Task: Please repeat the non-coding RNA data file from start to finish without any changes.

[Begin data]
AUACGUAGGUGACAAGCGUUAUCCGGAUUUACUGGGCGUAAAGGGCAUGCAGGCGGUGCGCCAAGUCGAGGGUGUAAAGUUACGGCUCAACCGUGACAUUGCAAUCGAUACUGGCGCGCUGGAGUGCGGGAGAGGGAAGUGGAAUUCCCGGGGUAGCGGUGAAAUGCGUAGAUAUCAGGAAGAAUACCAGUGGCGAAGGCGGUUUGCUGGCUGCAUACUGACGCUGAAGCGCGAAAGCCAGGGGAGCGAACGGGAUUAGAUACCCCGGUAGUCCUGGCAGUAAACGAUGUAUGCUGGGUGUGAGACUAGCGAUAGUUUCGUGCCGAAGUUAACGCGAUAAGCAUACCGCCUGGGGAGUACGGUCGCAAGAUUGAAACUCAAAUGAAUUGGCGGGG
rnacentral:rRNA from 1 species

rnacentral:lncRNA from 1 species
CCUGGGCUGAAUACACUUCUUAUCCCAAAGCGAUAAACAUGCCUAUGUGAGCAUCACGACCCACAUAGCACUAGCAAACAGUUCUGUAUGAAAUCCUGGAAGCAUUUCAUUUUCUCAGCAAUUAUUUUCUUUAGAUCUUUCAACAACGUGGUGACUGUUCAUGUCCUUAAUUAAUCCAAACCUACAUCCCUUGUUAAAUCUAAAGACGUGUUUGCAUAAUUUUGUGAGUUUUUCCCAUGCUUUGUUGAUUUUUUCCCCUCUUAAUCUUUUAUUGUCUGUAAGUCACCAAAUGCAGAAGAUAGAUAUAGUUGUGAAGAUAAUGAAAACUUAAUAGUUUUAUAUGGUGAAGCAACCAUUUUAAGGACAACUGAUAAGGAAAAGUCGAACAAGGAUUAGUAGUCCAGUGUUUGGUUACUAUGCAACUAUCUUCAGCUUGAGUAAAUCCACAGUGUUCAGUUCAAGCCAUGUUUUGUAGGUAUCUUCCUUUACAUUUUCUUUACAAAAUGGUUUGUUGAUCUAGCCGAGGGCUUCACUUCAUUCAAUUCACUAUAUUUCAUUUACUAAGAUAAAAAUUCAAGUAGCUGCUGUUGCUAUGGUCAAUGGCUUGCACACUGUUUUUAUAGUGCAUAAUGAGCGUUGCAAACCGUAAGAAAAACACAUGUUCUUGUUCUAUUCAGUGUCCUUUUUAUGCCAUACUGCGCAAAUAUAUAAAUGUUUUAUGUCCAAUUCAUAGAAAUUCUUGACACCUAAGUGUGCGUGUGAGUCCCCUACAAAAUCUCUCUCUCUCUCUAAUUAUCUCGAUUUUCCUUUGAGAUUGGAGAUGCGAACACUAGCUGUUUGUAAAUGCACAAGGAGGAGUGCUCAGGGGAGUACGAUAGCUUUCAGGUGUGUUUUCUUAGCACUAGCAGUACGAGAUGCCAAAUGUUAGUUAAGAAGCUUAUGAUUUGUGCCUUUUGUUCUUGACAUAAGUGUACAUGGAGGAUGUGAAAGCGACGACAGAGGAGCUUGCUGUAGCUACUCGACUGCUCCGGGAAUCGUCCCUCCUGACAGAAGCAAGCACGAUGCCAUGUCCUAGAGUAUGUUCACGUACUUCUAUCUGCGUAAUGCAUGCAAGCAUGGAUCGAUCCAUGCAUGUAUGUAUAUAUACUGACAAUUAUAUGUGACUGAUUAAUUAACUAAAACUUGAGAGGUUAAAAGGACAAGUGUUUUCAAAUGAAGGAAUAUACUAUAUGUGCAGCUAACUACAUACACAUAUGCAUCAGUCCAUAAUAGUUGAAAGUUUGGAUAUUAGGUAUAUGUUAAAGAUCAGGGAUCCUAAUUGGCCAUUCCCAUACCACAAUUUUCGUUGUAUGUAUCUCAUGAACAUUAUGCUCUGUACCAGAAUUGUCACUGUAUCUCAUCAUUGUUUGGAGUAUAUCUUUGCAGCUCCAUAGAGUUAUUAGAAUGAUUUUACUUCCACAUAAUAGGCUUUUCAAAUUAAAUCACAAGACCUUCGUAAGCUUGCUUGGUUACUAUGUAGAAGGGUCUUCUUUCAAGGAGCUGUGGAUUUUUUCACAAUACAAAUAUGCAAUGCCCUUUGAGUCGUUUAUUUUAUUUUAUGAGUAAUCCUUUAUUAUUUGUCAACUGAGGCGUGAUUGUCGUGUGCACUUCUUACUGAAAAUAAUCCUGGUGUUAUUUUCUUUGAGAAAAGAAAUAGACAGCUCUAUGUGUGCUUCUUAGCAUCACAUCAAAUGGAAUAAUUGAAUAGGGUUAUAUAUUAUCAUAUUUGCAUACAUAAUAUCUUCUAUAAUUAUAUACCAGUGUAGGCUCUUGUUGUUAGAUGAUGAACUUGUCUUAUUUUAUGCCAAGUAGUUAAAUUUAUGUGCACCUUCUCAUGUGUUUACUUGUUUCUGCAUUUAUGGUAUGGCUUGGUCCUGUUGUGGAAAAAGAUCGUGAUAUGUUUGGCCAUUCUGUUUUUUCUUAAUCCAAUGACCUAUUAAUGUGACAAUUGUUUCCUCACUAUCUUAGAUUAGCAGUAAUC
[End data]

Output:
AUACGUAGGUGACAAGCGUUAUCCGGAUUUACUGGGCGUAAAGGGCAUGCAGGCGGUGCGCCAAGUCGAGGGUGUAAAGUUACGGCUCAACCGUGACAUUGCAAUCGAUACUGGCGCGCUGGAGUGCGGGAGAGGGAAGUGGAAUUCCCGGGGUAGCGGUGAAAUGCGUAGAUAUCAGGAAGAAUACCAGUGGCGAAGGCGGUUUGCUGGCUGCAUACUGACGCUGAAGCGCGAAAGCCAGGGGAGCGAACGGGAUUAGAUACCCCGGUAGUCCUGGCAGUAAACGAUGUAUGCUGGGUGUGAGACUAGCGAUAGUUUCGUGCCGAAGUUAACGCGAUAAGCAUACCGCCUGGGGAGUACGGUCGCAAGAUUGAAACUCAAAUGAAUUGGCGGGG
rnacentral:rRNA from 1 species

rnacentral:lncRNA from 1 species
CCUGGGCUGAAUACACUUCUUAUCCCAAAGCGAUAAACAUGCCUAUGUGAGCAUCACGACCCACAUAGCACUAGCAAACAGUUCUGUAUGAAAUCCUGGAAGCAUUUCAUUUUCUCAGCAAUUAUUUUCUUUAGAUCUUUCAACAACGUGGUGACUGUUCAUGUCCUUAAUUAAUCCAAACCUACAUCCCUUGUUAAAUCUAAAGACGUGUUUGCAUAAUUUUGUGAGUUUUUCCCAUGCUUUGUUGAUUUUUUCCCCUCUUAAUCUUUUAUUGUCUGUAAGUCACCAAAUGCAGAAGAUAGAUAUAGUUGUGAAGAUAAUGAAAACUUAAUAGUUUUAUAUGGUGAAGCAACCAUUUUAAGGACAACUGAUAAGGAAAAGUCGAACAAGGAUUAGUAGUCCAGUGUUUGGUUACUAUGCAACUAUCUUCAGCUUGAGUAAAUCCACAGUGUUCAGUUCAAGCCAUGUUUUGUAGGUAUCUUCCUUUACAUUUUCUUUACAAAAUGGUUUGUUGAUCUAGCCGAGGGCUUCACUUCAUUCAAUUCACUAUAUUUCAUUUACUAAGAUAAAAAUUCAAGUAGCUGCUGUUGCUAUGGUCAAUGGCUUGCACACUGUUUUUAUAGUGCAUAAUGAGCGUUGCAAACCGUAAGAAAAACACAUGUUCUUGUUCUAUUCAGUGUCCUUUUUAUGCCAUACUGCGCAAAUAUAUAAAUGUUUUAUGUCCAAUUCAUAGAAAUUCUUGACACCUAAGUGUGCGUGUGAGUCCCCUACAAAAUCUCUCUCUCUCUCUAAUUAUCUCGAUUUUCCUUUGAGAUUGGAGAUGCGAACACUAGCUGUUUGUAAAUGCACAAGGAGGAGUGCUCAGGGGAGUACGAUAGCUUUCAGGUGUGUUUUCUUAGCACUAGCAGUACGAGAUGCCAAAUGUUAGUUAAGAAGCUUAUGAUUUGUGCCUUUUGUUCUUGACAUAAGUGUACAUGGAGGAUGUGAAAGCGACGACAGAGGAGCUUGCUGUAGCUACUCGACUGCUCCGGGAAUCGUCCCUCCUGACAGAAGCAAGCACGAUGCCAUGUCCUAGAGUAUGUUCACGUACUUCUAUCUGCGUAAUGCAUGCAAGCAUGGAUCGAUCCAUGCAUGUAUGUAUAUAUACUGACAAUUAUAUGUGACUGAUUAAUUAACUAAAACUUGAGAGGUUAAAAGGACAAGUGUUUUCAAAUGAAGGAAUAUACUAUAUGUGCAGCUAACUACAUACACAUAUGCAUCAGUCCAUAAUAGUUGAAAGUUUGGAUAUUAGGUAUAUGUUAAAGAUCAGGGAUCCUAAUUGGCCAUUCCCAUACCACAAUUUUCGUUGUAUGUAUCUCAUGAACAUUAUGCUCUGUACCAGAAUUGUCACUGUAUCUCAUCAUUGUUUGGAGUAUAUCUUUGCAGCUCCAUAGAGUUAUUAGAAUGAUUUUACUUCCACAUAAUAGGCUUUUCAAAUUAAAUCACAAGACCUUCGUAAGCUUGCUUGGUUACUAUGUAGAAGGGUCUUCUUUCAAGGAGCUGUGGAUUUUUUCACAAUACAAAUAUGCAAUGCCCUUUGAGUCGUUUAUUUUAUUUUAUGAGUAAUCCUUUAUUAUUUGUCAACUGAGGCGUGAUUGUCGUGUGCACUUCUUACUGAAAAUAAUCCUGGUGUUAUUUUCUUUGAGAAAAGAAAUAGACAGCUCUAUGUGUGCUUCUUAGCAUCACAUCAAAUGGAAUAAUUGAAUAGGGUUAUAUAUUAUCAUAUUUGCAUACAUAAUAUCUUCUAUAAUUAUAUACCAGUGUAGGCUCUUGUUGUUAGAUGAUGAACUUGUCUUAUUUUAUGCCAAGUAGUUAAAUUUAUGUGCACCUUCUCAUGUGUUUACUUGUUUCUGCAUUUAUGGUAUGGCUUGGUCCUGUUGUGGAAAAAGAUCGUGAUAUGUUUGGCCAUUCUGUUUUUUCUUAAUCCAAUGACCUAUUAAUGUGACAAUUGUUUCCUCACUAUCUUAGAUUAGCAGUAAUC